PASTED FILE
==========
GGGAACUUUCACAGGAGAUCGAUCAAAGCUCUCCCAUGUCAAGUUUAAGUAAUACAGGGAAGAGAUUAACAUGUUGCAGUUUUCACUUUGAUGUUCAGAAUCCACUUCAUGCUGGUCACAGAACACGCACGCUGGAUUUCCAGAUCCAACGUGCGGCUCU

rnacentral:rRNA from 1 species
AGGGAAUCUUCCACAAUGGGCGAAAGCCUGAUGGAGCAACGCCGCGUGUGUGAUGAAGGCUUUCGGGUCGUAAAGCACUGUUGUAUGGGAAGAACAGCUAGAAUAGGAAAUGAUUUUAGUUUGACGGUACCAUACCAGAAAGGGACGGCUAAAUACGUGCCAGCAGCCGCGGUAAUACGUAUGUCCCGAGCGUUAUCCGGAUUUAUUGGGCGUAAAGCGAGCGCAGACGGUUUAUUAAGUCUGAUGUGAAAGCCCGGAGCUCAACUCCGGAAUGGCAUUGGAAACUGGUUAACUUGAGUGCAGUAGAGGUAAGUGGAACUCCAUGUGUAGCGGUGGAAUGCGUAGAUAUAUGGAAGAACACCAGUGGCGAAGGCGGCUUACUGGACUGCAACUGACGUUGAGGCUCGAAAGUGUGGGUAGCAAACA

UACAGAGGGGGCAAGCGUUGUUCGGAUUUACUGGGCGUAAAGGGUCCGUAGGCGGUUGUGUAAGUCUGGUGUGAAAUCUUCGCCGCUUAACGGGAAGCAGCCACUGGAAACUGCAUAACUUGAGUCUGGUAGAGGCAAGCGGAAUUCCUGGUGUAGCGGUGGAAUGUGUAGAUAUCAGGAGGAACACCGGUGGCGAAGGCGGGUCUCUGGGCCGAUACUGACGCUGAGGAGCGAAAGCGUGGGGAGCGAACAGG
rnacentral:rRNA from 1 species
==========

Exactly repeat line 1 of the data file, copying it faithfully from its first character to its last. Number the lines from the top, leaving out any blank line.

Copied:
GGGAACUUUCACAGGAGAUCGAUCAAAGCUCUCCCAUGUCAAGUUUAAGUAAUACAGGGAAGAGAUUAACAUGUUGCAGUUUUCACUUUGAUGUUCAGAAUCCACUUCAUGCUGGUCACAGAACACGCACGCUGGAUUUCCAGAUCCAACGUGCGGCUCU